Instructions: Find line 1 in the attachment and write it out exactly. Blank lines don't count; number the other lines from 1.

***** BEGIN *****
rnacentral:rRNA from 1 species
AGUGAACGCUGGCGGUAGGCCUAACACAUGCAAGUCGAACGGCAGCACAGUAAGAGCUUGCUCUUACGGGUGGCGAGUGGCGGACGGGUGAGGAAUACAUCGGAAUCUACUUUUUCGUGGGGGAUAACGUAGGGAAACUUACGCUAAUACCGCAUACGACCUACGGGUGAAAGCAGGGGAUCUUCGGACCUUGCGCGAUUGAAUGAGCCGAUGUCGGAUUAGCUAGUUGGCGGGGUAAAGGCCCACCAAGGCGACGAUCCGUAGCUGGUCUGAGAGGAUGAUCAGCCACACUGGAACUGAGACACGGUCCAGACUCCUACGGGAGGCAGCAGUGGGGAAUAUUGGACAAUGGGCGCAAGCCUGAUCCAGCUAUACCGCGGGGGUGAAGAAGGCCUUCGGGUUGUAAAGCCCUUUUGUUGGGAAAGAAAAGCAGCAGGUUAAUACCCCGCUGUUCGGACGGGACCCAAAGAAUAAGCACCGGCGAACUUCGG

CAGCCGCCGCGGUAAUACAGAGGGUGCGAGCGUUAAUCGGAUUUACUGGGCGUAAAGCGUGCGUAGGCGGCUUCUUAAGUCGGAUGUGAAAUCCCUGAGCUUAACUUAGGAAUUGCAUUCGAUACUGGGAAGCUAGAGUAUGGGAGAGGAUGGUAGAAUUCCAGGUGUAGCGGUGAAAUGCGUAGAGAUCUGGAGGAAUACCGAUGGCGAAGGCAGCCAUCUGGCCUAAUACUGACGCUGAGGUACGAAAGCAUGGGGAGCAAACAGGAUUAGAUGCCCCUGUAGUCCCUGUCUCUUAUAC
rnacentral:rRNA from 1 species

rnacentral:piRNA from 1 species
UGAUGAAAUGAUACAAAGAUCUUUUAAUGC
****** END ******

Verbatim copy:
rnacentral:rRNA from 1 species